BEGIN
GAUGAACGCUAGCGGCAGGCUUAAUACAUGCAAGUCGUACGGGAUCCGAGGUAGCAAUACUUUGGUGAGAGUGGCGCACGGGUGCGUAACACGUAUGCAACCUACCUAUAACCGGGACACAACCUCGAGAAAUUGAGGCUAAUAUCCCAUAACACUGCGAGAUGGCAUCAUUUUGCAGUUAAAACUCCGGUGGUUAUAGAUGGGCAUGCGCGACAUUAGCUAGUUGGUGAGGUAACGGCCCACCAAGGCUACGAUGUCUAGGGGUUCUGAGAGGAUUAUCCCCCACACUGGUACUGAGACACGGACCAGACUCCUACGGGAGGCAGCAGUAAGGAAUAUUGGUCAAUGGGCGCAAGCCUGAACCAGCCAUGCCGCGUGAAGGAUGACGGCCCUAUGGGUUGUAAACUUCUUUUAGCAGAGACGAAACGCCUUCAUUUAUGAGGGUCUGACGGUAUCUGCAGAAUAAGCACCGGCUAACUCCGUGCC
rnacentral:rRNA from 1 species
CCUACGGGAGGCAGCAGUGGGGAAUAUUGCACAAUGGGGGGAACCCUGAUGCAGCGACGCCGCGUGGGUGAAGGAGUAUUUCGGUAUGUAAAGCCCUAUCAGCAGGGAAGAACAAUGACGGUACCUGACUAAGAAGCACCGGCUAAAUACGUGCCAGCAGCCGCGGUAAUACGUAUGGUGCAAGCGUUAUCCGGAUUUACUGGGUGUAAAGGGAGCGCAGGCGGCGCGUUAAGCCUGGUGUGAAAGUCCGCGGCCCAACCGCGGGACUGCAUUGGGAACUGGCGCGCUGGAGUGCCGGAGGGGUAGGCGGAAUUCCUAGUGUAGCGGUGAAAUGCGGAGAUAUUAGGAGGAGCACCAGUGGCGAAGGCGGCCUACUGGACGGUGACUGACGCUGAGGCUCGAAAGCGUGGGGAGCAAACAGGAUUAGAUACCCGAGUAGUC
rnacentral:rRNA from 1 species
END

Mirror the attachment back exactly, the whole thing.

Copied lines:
GAUGAACGCUAGCGGCAGGCUUAAUACAUGCAAGUCGUACGGGAUCCGAGGUAGCAAUACUUUGGUGAGAGUGGCGCACGGGUGCGUAACACGUAUGCAACCUACCUAUAACCGGGACACAACCUCGAGAAAUUGAGGCUAAUAUCCCAUAACACUGCGAGAUGGCAUCAUUUUGCAGUUAAAACUCCGGUGGUUAUAGAUGGGCAUGCGCGACAUUAGCUAGUUGGUGAGGUAACGGCCCACCAAGGCUACGAUGUCUAGGGGUUCUGAGAGGAUUAUCCCCCACACUGGUACUGAGACACGGACCAGACUCCUACGGGAGGCAGCAGUAAGGAAUAUUGGUCAAUGGGCGCAAGCCUGAACCAGCCAUGCCGCGUGAAGGAUGACGGCCCUAUGGGUUGUAAACUUCUUUUAGCAGAGACGAAACGCCUUCAUUUAUGAGGGUCUGACGGUAUCUGCAGAAUAAGCACCGGCUAACUCCGUGCC
rnacentral:rRNA from 1 species
CCUACGGGAGGCAGCAGUGGGGAAUAUUGCACAAUGGGGGGAACCCUGAUGCAGCGACGCCGCGUGGGUGAAGGAGUAUUUCGGUAUGUAAAGCCCUAUCAGCAGGGAAGAACAAUGACGGUACCUGACUAAGAAGCACCGGCUAAAUACGUGCCAGCAGCCGCGGUAAUACGUAUGGUGCAAGCGUUAUCCGGAUUUACUGGGUGUAAAGGGAGCGCAGGCGGCGCGUUAAGCCUGGUGUGAAAGUCCGCGGCCCAACCGCGGGACUGCAUUGGGAACUGGCGCGCUGGAGUGCCGGAGGGGUAGGCGGAAUUCCUAGUGUAGCGGUGAAAUGCGGAGAUAUUAGGAGGAGCACCAGUGGCGAAGGCGGCCUACUGGACGGUGACUGACGCUGAGGCUCGAAAGCGUGGGGAGCAAACAGGAUUAGAUACCCGAGUAGUC
rnacentral:rRNA from 1 species